Barossa

About Barossa Region Wines

The home of Australian Shiraz. There is no finer pocket of land to grow Australian Shiraz and Riesling, than the Barossa. It is situated to the north of Adelaide and divided into two sub-regions – the Barossa Valley and the Eden Valley.

Key Barossa Grape Varieties
  • Shiraz
  • Riesling
  • Mataro
  • Grenache
  • Cabernet Sauvignon/li>

Facts about Barossa Wines

You say tomato, I say tomato – Shiraz and Syrah are the same grape variety. Producers tend to call it Syrah in the ‘old world’ and Shiraz in the ‘new world’.

The hot, dry climate and limestone soil produce beautifully ripe grapes of outstanding quality. Shiraz is king of the reds, but Grenache, Mataro, (Mourvèdre) and Cabernet Sauvignon also thrive here.

The eastern side of the Barossa is where The Eden Valley lies, and the Riesling that grows here has an intense and zippy citrus flavour supported by a stoney minerality. Ordinarily, you wouldn’t expect Riesling to grow well in such a hot climate so the secret here is altitude; great sunshine with a cooling influence and it’s a Riesling dream!

The average Barossa Shiraz is 14-15% ABV. This is because the grapes are so good! Plump, ripe grapes produce more sugar and these need to be converted to make the good stuff – the more sugar in the grapes, the higher the alcohol content!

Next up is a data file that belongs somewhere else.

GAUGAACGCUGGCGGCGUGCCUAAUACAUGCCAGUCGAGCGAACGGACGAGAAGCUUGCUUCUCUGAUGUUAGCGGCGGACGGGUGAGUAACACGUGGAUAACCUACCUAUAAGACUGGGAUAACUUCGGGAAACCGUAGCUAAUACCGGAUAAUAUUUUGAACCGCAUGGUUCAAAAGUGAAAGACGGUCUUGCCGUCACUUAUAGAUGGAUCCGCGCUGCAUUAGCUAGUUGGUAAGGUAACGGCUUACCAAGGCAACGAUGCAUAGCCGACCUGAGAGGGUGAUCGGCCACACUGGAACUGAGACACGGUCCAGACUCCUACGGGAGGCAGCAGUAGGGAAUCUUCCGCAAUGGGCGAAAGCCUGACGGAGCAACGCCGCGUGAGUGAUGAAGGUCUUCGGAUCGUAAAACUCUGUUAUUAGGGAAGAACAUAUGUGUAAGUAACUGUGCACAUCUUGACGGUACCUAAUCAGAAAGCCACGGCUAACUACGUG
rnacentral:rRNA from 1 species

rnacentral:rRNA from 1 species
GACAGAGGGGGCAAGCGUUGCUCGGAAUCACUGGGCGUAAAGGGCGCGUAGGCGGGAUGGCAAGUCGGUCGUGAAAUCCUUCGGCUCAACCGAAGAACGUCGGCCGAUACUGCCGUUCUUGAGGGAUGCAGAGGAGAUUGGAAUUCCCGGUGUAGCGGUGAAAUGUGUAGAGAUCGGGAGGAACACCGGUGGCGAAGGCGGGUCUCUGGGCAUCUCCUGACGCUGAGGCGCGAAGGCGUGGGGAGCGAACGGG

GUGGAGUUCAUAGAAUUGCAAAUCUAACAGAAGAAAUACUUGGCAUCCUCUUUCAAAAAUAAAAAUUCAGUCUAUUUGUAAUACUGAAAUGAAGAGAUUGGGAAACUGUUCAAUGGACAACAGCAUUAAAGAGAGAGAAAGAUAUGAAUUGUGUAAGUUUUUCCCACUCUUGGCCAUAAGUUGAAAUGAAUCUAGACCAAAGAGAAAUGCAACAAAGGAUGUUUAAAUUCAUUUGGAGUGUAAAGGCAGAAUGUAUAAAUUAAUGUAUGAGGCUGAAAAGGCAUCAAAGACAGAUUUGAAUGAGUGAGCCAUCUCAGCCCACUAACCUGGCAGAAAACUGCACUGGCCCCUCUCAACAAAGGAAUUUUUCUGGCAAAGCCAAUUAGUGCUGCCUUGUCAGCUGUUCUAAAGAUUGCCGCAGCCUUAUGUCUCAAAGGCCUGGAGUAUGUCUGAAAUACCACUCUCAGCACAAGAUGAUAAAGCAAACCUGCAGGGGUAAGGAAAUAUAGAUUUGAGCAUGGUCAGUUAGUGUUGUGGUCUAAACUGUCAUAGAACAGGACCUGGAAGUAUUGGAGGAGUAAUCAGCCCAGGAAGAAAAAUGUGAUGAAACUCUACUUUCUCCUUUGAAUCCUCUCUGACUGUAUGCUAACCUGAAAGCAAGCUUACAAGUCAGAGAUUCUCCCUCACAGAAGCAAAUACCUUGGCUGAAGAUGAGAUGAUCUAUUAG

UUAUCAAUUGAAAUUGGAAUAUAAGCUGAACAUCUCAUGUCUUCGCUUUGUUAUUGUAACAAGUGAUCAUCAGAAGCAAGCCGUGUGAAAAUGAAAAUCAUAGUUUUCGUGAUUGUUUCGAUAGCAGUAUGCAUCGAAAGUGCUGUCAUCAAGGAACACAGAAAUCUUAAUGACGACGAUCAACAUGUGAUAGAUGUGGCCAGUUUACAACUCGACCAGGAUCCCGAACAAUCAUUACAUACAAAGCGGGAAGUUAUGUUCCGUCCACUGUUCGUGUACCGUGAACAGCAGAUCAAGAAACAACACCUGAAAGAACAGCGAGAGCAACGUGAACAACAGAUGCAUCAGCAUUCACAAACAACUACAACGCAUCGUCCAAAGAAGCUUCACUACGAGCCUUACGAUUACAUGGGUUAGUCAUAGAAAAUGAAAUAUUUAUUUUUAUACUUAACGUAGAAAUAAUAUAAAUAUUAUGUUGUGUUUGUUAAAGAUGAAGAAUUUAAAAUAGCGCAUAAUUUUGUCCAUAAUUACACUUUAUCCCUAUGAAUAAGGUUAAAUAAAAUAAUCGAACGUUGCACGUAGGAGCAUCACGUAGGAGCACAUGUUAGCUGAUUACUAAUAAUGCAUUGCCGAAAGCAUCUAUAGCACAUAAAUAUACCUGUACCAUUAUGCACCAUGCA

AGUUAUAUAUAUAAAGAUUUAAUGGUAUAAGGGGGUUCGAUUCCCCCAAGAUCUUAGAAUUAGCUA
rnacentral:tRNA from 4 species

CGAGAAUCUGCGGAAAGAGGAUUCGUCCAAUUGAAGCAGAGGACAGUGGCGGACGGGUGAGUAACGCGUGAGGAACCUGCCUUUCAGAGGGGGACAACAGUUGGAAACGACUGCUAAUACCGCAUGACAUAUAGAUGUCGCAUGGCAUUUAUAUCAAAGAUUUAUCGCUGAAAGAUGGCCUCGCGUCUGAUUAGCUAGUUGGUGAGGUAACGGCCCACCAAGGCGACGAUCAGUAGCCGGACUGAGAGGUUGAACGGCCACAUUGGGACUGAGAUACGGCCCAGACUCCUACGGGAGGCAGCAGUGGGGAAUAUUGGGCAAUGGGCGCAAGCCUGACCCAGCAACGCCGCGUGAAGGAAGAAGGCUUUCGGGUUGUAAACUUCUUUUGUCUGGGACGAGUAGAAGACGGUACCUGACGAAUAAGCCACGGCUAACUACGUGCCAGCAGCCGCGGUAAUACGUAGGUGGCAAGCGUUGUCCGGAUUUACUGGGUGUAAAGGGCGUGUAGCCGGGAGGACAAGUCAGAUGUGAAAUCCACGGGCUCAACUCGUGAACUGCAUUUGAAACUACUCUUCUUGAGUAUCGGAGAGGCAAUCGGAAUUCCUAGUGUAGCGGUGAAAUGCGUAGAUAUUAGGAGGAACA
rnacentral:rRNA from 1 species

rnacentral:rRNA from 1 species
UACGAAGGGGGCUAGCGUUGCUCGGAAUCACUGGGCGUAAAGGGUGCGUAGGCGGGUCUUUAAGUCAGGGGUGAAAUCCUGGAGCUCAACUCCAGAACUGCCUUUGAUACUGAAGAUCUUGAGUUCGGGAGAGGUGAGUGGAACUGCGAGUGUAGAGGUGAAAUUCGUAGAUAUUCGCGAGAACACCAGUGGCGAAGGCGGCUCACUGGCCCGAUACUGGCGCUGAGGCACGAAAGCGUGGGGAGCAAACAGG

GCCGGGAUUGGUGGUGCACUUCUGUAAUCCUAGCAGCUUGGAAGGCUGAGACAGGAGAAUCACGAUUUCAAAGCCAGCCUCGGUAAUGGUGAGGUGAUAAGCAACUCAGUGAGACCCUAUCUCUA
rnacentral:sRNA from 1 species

The wines from across the region all have great ageing potential. Watch the Rieslings develop a rich honeyed marmalade character and the reds will start to develop secondary characters reminiscent of cigar boxes and leather with less fruitiness – it’s all a matter of personal preference when you drink them.

Classifications (the technical bit)

The legalities around ‘new world’ wines are a little less complex than the ‘old world’, but there are a few basic rules Australia has to stick to. For a while, they used terms like Australian Port or Chablis on their labels but EU law stepped in to ensure that agreements are now in place to stop these terms being used anywhere outside of their origins.

Australia does now however, since 1993, have GIs (Geographical Indication) in place. If a region or grape variety is stated on the bottle then 85% of the content must come from what or where is stated on the label.

Hennings Wine Says

If it’s big and spicy or ripe and zesty you’re after, you can’t go wrong with wines from the Barossa. Head to the top end for some really special wines that are up there with the best in the world, such as Rockford and Tomfoolery, or if you’re after a cheeky Wednesday night wine you can’t come wrong with the regional series from Hesketh.

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